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Rock Falls grads survive twister in Washington

Published: Tuesday, Nov. 19, 2013 1:15 a.m. CDT • Updated: Tuesday, Nov. 19, 2013 10:12 a.m. CDT
Caption
(Philip Marruffo/pmarruffo@saukvalley.com)
Alyssa Valdez and Beau Ebenezer talk Monday in Alyssa's parents' home in Rock Falls. On Sunday, the couple took shelter with their dog, Valentine, in the bathtub of their apartment in Washington, Ill., each suffering minor injuries but a major scare in a tornado that roared through the town. The ceiling of Alyssa and Beau's apartment was gone after the twister left, and they were covered in boards and bricks.
Caption
(Philip Marruffo/pmarruffo@saukvalley.com)
Alyssa Valdez and Beau Ebenezer talk Monday in Alyssa's parents' home in Rock Falls. On Sunday, the couple took shelter with their dog, Valentine, in the bathtub of their apartment in Washington, Ill., each suffering minor injuries but a major scare in a tornado that roared through the town. The ceiling of Alyssa and Beau's apartment was gone after the twister left, and they were covered in boards and bricks.
Caption
(Philip Marruffo/pmarruffo@saukvalley.com)
Alyssa Valdez and Beau Ebenezer pet Valentine, their dog that rode out the Washington tornado with them.

ROCK FALLS – Alyssa Valdez and Beau Ebenezer saw a funnel cloud from the balcony of their second-floor apartment in Washington, Ill., late Sunday morning. They had only seconds to prepare.

The Rock Falls High graduates took shelter in their bathtub. They held each other’s hands. Their energetic 9-month-old dog, Valentine, cowered between them.

Then the tornado arrived. The tub shook. Tumbling boards and bricks covered them. A cinderblock struck the back of Beau’s head, causing bleeding.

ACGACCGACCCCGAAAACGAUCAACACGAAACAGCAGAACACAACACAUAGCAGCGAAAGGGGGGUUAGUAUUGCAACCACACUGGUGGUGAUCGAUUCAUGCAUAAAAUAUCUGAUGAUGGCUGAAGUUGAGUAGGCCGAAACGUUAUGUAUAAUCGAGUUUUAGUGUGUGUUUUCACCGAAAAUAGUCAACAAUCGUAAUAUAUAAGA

Click to see video of our interview

“I thought it was the end for us,” said Beau, 24, a reporter with a Peoria TV station. “I thought we were going to die.”

A moment later, the twister left. The floor remained, but the ceiling was gone. 

“It got super calm,” Alyssa, 22, said during an interview Monday at her parents’ Rock Falls house. “The sky wasn’t as black.”

Not long before that, Beau was still in bed and probably would have slept past noon. He had planned to watch the Bears game later in the day.

Alyssa got up before Beau, and a brewing storm worried her. She received an alert on her cellphone about tornadoes. She always gets anxious about storms, she said.

She woke up her boyfriend, who was unconvinced. But then sirens blared. 

“I started to get a little scared,” Beau said. “Everyone was yelling, saying it was here. … If I had stayed in bed, I don’t know where I would have ended up.”

After the tornado hit, Alyssa, who works for the Center for Youth and Family Solutions in Peoria, hurt herself going down the stairs. A nail from a board stuck into her wrist.

They had nothing left. The twister threw Alyssa’s car into a nearby woods, destroying it. Beau’s car was damaged.

As far as they know, no one suffered severe injuries in their complex. One person, though, died in Washington and 50 others were treated in a Peoria hospital.

Alyssa’s family had planned to visit Washington that day. Her parents, Jan and Jaime Valdez, and her sister, Carisa, picked up Beau and Alyssa and took them to Rock Falls.

Beau and Alyssa visited the local hospital, where Beau got four staples for the wound to his head.

They don’t know what their next step will be, though they said their bosses have been understanding.

“We don’t have any clothes,” Beau said. “Luckily, we have our family helping us out. The outpouring of people is amazing.”

Valentine licked a visitor’s hands at the Valdez house Monday. 

“Valentine got sick a couple of times today,” Beau said. “We don’t know if it’s a stress thing.”

Soon, Beau and Alyssa will look for a place to live. They’ll want one that accepts dogs. 

How to help

You can donate to Washington, Ill., tornado victims by visiting www.redcross.org, calling 1-800-RED CROSS, mailing it to the Central Illinois chapter at 311 W. John H. Gwynn Jr. Ave., Peoria, IL 61605, or texting the word REDCROSS to 90999 to make a $10 donation.

Kreider Services in Dixon is starting a collection for people who want to donate items to help Washington residents. Items needed include blankets, gloves, coats, personal hygiene items, storage tubs, storage bags, garbage bags, diapers, baby formula, baby food, cleaning supplies, batteries, cameras, cellphone cards, pet food, cat litter, pet crates, gas cards, baby spoons, sippy cups, instant mashed potatoes, instant macaroni and cheese, towels and washcloths.

Collection hours this week will be from 8 a.m. to 4:30 p.m. at Kreider, 500 Anchor Road in Dixon.

Call Becky Reilly at Kreider Services at 815-288-6691.

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